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Rivenbark: Trying to decipher the holiday-party dress code

I love everything about holiday parties except for the dress code, which I’m never quite sure how to get right.

If, for example, the invitation specifies “business casual” I’m truly at a loss. I work from home, so does this mean my business casual, which would be a leopard-print robe over a “Crazy Cat Lady” T-shirt and sweatpants?

The vague “holiday attire” could be anything from that deeply discounted blinking Rudolph sweatshirt on the end cap at CVS to a classic Stella McCartney gown in Christmas red. I don’t know.

It’s times like this – and only times like this – when it would be nice to be Kim Jong Un. Holiday party? He thinks he’ll just wear the mandarin-collar pajamas in cell-gray. Just like he does every single day of his life.

Or, bless her heart, Whoopi Goldberg, who attends everything from state dinners to the Oscars in an oversized white Oxford shirt and a black maxi skirt big enough to hide a half-dozen Honey-Baked Hams.

Or Lady Gaga, who would interpret “holiday attire” as the perfect excuse to skin a polar bear and wear it. (Don’t look so shocked, Tony Bennett; we tried to tell you she was a little crazy.)

Deciphering the holiday dress code baffles men, too, but they don’t seem bothered by it.

Getting ready for a “holiday attire” party the other night, I combined black lace palazzo pants with a sparkly gold wrap top and some vintage rhinestone earrings. There.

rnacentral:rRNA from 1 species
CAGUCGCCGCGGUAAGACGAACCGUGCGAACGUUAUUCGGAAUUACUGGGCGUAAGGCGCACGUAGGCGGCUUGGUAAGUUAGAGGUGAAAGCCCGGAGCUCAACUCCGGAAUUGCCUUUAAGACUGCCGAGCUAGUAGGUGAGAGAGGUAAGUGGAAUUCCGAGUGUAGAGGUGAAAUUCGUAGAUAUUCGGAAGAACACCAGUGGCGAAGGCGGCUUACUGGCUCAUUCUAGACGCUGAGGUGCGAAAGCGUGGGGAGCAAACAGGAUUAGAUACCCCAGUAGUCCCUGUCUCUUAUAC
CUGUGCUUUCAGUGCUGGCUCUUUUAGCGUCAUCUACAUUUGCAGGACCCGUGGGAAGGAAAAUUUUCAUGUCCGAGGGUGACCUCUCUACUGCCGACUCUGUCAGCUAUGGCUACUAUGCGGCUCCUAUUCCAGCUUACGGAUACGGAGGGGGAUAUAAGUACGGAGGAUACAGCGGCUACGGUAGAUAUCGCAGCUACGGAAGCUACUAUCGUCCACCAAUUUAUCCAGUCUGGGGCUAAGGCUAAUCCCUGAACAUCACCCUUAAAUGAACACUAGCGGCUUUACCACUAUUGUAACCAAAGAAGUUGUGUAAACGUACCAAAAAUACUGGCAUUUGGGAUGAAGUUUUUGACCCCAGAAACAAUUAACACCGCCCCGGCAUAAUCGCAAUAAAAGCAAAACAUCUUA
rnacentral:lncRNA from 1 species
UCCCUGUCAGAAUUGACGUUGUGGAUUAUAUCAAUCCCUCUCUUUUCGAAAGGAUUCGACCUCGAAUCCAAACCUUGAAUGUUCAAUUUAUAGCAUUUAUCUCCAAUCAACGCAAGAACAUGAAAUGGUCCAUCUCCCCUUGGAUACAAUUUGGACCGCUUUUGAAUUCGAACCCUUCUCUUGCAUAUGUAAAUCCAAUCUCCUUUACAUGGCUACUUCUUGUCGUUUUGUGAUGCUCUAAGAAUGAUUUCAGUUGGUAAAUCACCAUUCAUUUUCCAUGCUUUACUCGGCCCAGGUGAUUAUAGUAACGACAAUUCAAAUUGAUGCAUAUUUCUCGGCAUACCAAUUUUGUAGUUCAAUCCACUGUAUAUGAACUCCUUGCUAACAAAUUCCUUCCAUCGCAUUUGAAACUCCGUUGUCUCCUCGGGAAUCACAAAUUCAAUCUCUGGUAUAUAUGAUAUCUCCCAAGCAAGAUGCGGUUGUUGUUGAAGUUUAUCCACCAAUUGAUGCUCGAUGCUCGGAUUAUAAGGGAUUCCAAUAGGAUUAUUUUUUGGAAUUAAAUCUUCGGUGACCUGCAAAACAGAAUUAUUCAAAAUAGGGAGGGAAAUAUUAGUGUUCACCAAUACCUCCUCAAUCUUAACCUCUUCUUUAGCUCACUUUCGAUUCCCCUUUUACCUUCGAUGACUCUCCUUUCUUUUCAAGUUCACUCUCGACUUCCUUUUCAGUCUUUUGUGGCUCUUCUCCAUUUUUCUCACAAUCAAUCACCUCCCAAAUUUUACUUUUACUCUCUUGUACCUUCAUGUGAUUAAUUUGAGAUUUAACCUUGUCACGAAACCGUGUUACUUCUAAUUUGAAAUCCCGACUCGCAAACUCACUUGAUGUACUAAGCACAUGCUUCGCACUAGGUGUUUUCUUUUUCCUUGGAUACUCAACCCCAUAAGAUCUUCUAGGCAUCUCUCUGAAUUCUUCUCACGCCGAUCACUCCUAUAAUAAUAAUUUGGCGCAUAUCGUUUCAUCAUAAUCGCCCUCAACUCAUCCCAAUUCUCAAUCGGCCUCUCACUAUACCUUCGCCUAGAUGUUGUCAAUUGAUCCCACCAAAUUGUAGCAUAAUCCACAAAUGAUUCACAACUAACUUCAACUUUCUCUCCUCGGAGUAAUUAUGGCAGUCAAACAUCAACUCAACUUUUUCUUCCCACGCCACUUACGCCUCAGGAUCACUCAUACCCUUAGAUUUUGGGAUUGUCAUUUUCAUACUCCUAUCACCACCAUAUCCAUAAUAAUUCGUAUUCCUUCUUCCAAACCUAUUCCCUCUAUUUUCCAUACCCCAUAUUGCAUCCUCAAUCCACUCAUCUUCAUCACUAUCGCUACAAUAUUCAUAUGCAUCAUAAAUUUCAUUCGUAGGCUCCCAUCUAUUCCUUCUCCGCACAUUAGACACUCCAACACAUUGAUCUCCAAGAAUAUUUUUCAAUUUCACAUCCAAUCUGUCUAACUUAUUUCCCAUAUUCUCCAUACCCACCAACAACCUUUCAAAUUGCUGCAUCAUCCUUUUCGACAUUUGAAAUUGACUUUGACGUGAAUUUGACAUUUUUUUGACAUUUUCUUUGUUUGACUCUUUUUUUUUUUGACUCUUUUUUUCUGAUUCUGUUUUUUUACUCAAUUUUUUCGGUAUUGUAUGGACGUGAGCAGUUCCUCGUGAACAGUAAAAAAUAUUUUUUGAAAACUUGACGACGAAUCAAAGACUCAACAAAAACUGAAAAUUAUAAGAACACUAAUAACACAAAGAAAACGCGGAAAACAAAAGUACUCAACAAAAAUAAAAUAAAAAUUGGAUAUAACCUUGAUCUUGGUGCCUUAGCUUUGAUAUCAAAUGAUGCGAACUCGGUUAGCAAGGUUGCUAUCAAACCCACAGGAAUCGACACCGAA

I go into the bedroom and Duh Hubby is wearing pale-wash Wrangler jeans, a rugby shirt that screamed “Oxford” that we got on vacation last summer, and Jesus sandals.

“I’m ready!” he says.

Lord, don’t let me kill him till the house is paid for.

One of my least favorite designations is “Creative Black Tie,” which is confusing to women and men alike. Of course, I had to Google the term to make sure we didn’t get it wrong and one of the definitions was “a more modern interpretation of a tux, perhaps with a black shirt and no tie.” I think it would be hilarious to let your modern interpretation be no shirt and a black tie.

There’s even something called “Texas Black Tie,” which calls for formal wear accented by, I’m not kidding, oversized belt buckles and cowboy boots. Other states should follow suit. Here in my home state, “North Carolina Black Tie” could be a regular tuxedo with a basketball jersey subbing in for the shirt. In Florida, you could replace the cummerbund with a very short New Jersey transplant tied around your waist.

Colorado Black Tie could be a tux made entirely of hemp and in West Virginia … oh, who am I kidding; nobody wears a tuxedo in West Virginia.

Maybe we’re all confused by this. This year’s White House Christmas party dress was “wintry mix,” which just leaves me cold.

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